Since you brought up the review article by Kemble (1929), this is interesting, because he calls "wave equation" (the quotation marks used for emphasis are his) the standard D'Alembert equation of optics. When referring to Schrödinger's work, he quotes his "4th delivery" (from which the screenshot above has been taken), p. 109 and then 4th order order equation derived by Schrödinger (No. 4, p. 110) which through simplification comes back to equation 4'' of Schrödinger (op.cit., p. 112).

On a different note, as far back as 1928, Arnold Sommerfeld published his 1st German edition of "Wave Mechanics" (translated to English in 1930 and republished in 1936). In the English translation dated 1936, Sommerfeld calls his equation (11) which contains no time derivative the wave-equation but with the bottom-of-the-page note that, I quote, "Schrödinger himself originally wished to reserve the name <<wave-equation>> for one analogous to (5) [my note, this is D'Alembert's equation], but containing the time".

So this is for the old literature. Let's turn to the "new" one of the 1950s by Albert Messiah (book originally in French, English translation 1961). I quote:

A little lower we have that:
Then lower one has indeed:

So you see, you're right, indeed it's a pretty old convention to use this historical misnomer perpetuated by physicists, no wonder the Google search results back up your assertion. So, for me and those reading me, propagating this collocation detrimentally to the more mathematical one spectral equation for the Hamilton operator should be discouraged.

In the end an excerpt from FATHER DIRAC (1958, 4th Ed. of The Principles of Quantum Mechanics)

Screenshots courtesy of original copy-right holders.

Last edited by a moderator: May 7, 2017
14. Feb 23, 2016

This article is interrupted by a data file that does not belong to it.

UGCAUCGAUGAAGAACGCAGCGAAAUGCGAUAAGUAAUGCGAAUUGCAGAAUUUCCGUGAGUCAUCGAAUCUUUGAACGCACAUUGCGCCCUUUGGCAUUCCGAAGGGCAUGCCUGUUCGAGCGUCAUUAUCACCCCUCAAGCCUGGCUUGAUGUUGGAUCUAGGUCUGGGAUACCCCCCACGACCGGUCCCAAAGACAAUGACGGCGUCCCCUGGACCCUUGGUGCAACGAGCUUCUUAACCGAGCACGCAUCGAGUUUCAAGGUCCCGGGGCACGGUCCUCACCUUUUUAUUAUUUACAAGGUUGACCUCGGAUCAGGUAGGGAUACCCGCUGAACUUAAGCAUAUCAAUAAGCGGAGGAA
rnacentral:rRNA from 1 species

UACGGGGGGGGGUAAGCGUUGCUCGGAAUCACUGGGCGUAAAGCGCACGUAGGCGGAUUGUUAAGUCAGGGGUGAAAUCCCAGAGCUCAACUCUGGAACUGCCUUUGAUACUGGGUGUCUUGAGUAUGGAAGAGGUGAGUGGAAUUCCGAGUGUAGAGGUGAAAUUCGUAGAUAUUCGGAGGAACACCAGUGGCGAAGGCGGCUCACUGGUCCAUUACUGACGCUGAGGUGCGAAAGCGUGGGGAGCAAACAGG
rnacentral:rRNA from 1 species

### Zacarias Nason

I have a genuinely super hard time believing that active MIT faculty are using terms outside of accepted usage both in their notes and in their lectures.

So, yes, then. There are no solutions to the time-independent [heresy!] 1D S.E. that are not energy eigenstates.

15. Feb 23, 2016

### dextercioby

I didn't claim anything about "terms outside of accepted usage". Time-dependent or time-independent SE is undoubtedly old terminology, but as far back as 1958 Dirac clearly stated his point, see also the next screenshot

So you can go to the MIT people to tell them that they're teaching historically inaccurate and outdated terminology (do they teach out the wave-particle duality and relativistic mass, too??) propagated by books who only shadow what Hpsi = Epsi really stands for.

16. Feb 23, 2016

### Staff: Mentor

I am with Dextercioby on this. MIT of course can counted on to use terminology that is generally accepted. Its just in QM there are a number of commonly used terms left over from the early days that are still in use - this is just another. Its nothing get worried about - just note it and move on.

Sometimes we have long threads on these sorts of things, many of which I have participated in. But really its nothing to get worked up about IMHO.

To the OP if you haven't seen it before glance at the following which looks at a number of generally accepted myths of QM:
http://arxiv.org/abs/quant-ph/0609163

Simply be aware of them, and sometimes papers and textbooks use them with gay abandon, which is usually only a problem in dealing with foundational issues. That's the one time we need to be careful.

Thanks
Bill

17. Feb 23, 2016

### Zacarias Nason

I'm now aware of them, it just needs to be understood I literally started studying QM six days ago and in the links supplied I haven't heard of several of the terms and have largely just become further confused and distanced from concrete, always-true and always-false statements in response to a specifically worded question-Everything said is likely true and good but for the purposes of something that won't necessitate me being mired in stuff for the moment way over my head, I still don't get it-I'm not saying I don't, I'm saying I probably won't be able to sink the time necessary to learn about the Heisenberg-Robertson uncertainty relation , gaussian spikes and PVM's adequately to get what you're trying to say before my homework is due in six days, lol.

I can either commit a phyrric victory and spend way too much time at the moment learning a detailed, correct and nuanced answer, or I can try to figure out "just enough to be dangerous". And thanks for everybody who addressed my question.

(And, to be clear, my OP question wasn't a homework question-I wasn't asked that-but it does obviously help advance my understanding so I can do said questions.)

18. Feb 23, 2016

### Staff: Mentor

Don't worry about these things for now - simply keep in the back of your mind some of the stuff has issues best sorted out later.

When I leaned QM I got caught up in that damnable Dirac Delta function. I did a long sojourn into esoteric areas to sort it out. I did - eventually - but I would have been better leaving it for later.

Thanks
Bill